What Will Be the Biggest Stock Market Surprise of 2007?

Everyone (in financial circles) keeps asking each other (and me) the same question: What will be the big surprise of 2007? What will stop the bull market from a fifth year of gains?

It won’t be interest rates, which are still low in historical terms. And corporate earnings are solid, even if slowing somewhat. Yes, the consumer looks tapped out, but consumers have looked tapped out since, oh …. 1958 or so. And strike avian influenza, a collapsing hedge fund, etc., as all are about as discounted by the market as they can meaningfully be.

So, if you had to guess, what outlier event — what black swan, to borrow my friend Nicholas Taleb’s apt construction — is out there and underestimated? Sure, maybe it won’t happen, but what downbeat probability is the market currently underestimating? A terrorist attack? Reversal of the gulf current? A new U.S.-led war in Iran? Wal-mart buying Amazon (okay, that one was for me)? 

You tell me.

Related posts:

  1. Can’t Keep the U.S. Stock Market Down
  2. Surprise, surprise: “yips” are real.
  3. Statistics, Cot-Deaths, and Stock-Market Correlation
  4. The Isilon IPO and the Tech IPO Boom in 2007
  5. Siegel vs. Arnott: The Stock Market Debate

Comments

  1. Mark Kraft says:

    My prediction would be that SixApart rushes to go public in late Spring of 2007 in order to beat reality finally setting into the blogging market, but that the IPO won’t go over all that well.
    Gartner is right about blogs hitting their peak, as new users aren’t coming on board fast enough to make up for those leaving the existing blogging services, or simply not using blogging services as often, and growth rates for new blogging services are lackluster, with most new accounts being statistically less active than accounts on prior services.
    This is, in part, due to the fact that people already are connected to too many social websites. They dip their feet more often than before, but actually jump in less often and less actively.
    Also, MMORPGs are quickly becoming the largest social websites for younger users, and sites like MySpace continue to eat the lunch of blogging sites. Such sites are enough for most younger users, who simply do not need — or often want — the burden of blogs. Too many potential hassles with parents and peers, so an increasing number of young bloggers are resorting to private “friends only” blogs. This closed, selective readership tends to drag down page views and site growth for blogging websites.
    Blogs in general are overhyped, and lack the dynamic growth or profit potential predicted in the past. In fact, there is evidence to support that sites like LiveJournal are dramatically shrinking, as far as active users per month.
    Google too, is probably shrinking already as far as users posting per month goes, but this won’t effect Google at all, primarily due to their size, but also because they can more effectively and profitably serve highend, keyword-driven ads on their services.
    I also expect that WordPress will be lean and competitive, and will expand their reach on the highend business market for weblogs. The competition will tend to drive potential profits lower for SixApart, which will have a hard time finding substantial profit margins to capitalize on, considering their extensive, overly optimistic expansion plans.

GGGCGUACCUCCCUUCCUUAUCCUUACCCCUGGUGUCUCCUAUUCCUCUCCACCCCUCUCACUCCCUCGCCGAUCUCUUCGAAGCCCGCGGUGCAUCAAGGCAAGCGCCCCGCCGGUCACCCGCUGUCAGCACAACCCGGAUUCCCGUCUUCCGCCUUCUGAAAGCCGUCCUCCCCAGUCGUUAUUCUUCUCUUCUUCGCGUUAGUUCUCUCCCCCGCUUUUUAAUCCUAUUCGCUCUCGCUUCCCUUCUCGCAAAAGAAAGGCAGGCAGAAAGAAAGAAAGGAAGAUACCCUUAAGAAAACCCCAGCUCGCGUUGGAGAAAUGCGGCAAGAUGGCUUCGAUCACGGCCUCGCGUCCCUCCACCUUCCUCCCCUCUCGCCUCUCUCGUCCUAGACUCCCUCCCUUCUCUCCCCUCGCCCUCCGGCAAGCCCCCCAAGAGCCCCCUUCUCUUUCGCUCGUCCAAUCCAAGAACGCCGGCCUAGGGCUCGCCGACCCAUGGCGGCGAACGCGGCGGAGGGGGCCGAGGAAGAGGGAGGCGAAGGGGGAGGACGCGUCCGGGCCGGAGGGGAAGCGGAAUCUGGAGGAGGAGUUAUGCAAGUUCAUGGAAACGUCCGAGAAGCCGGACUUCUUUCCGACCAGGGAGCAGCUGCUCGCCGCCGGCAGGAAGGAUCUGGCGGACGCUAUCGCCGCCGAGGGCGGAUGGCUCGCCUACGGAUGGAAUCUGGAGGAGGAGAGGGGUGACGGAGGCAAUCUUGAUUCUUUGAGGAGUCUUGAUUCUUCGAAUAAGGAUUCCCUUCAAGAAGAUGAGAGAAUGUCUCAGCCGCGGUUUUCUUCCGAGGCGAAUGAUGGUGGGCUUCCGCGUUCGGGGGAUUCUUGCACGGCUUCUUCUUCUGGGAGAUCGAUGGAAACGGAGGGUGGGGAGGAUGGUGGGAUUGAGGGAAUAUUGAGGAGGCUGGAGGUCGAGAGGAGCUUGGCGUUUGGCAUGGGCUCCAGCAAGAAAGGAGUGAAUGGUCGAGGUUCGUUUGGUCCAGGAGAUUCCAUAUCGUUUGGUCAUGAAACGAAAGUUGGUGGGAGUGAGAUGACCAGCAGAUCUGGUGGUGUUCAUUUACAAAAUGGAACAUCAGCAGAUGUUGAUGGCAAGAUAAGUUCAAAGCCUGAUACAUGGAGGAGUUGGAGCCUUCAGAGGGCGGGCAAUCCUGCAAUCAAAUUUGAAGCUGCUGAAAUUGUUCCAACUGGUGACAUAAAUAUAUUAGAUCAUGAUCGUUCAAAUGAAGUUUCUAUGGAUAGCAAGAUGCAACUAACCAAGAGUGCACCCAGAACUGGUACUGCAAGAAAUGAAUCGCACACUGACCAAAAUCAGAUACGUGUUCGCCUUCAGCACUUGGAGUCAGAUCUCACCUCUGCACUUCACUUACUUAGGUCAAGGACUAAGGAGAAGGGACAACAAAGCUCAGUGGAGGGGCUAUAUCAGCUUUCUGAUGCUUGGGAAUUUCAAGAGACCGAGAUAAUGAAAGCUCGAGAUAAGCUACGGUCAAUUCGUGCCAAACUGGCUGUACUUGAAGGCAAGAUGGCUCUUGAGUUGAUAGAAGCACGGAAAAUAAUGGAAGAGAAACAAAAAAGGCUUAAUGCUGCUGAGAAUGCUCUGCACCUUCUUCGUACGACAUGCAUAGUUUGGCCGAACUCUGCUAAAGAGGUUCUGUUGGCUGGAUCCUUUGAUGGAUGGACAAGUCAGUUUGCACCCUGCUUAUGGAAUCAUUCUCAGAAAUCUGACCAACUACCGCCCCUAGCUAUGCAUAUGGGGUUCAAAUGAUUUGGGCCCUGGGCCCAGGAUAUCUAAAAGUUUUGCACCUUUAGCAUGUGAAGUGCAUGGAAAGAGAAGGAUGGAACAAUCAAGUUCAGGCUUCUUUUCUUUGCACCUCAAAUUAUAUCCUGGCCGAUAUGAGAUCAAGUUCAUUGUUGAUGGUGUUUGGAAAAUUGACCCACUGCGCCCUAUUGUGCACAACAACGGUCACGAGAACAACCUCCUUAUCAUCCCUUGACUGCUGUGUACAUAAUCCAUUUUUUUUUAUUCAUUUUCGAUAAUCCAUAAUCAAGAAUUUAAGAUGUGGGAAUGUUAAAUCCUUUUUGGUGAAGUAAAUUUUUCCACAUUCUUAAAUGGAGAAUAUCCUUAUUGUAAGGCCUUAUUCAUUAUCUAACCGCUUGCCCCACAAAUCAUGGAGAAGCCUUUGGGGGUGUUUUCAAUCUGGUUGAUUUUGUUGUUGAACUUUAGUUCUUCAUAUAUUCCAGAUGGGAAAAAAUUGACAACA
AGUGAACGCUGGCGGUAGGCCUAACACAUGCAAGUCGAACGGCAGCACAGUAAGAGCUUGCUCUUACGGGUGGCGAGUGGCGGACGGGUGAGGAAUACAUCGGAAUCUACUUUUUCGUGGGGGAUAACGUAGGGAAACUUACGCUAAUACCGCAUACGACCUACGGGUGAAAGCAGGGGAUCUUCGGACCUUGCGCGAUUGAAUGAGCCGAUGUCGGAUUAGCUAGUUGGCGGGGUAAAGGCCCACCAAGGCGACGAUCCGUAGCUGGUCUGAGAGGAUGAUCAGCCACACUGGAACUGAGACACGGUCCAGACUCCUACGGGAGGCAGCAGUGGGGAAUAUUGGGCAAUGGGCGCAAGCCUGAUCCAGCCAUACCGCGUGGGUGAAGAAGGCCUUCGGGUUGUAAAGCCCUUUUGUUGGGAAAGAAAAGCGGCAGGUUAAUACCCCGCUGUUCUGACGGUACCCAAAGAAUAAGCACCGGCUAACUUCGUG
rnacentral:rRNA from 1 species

They’ll site increased revenue, I suspect, but they’ll also have increased losses and will fail to break even for years, short of a major culling of their staff. For this reason, expect IPO revenue to be invested outside the blogging realm, in ways that are profitable already.

  2. Mark Kraft says:

    I should clarify. Google is growing… but Blogger (a Google property) is probably shrinking already, as far as active users posting per month. Most older blogging services are, simply because new, younger users have moved their social life elsewhere — primarily into MMORPG games and into sites like MySpace.
    There is also substantial user growth for college-oriented online community websites, which allow for fairly ubiquitous communication between people in that peer group, without opening up their lives to public inspection. Basically, it’s a kind of anonymity by peer group, and it helps to reduce the growth rates of other new online community websites, weblogs, etc.

  3. Leigh says:

    Vanessa tells me that Amazon is one of the most underrated technology companies. While I can’t say forsure that something big will happen in 2007 necessarily, as she put it to me:
    “I predict that some day everyone will be scratching their heads wondering why they didn’t see that it was Amazon that was the strategic technology leader all along…”
    Here’s a link to an interview with their CTO Werner Vogels….

  4. Vinit says:

    One major event could be the US govt. finally realizing and making public it’s concerns about global warming. Not only what it will do for oil and energy stocks in general but also how it will affect foreign policy issues – giving a kick to china’s pollution mess (and more importantly, the EU telling american “we told you to fix up your environmental policy earlier”)

  5. post pc says:

    magnetic pole reversal

  6. Andi says:

    There will be an astonishing development involving the world’s largest company and the world’s most populous nation.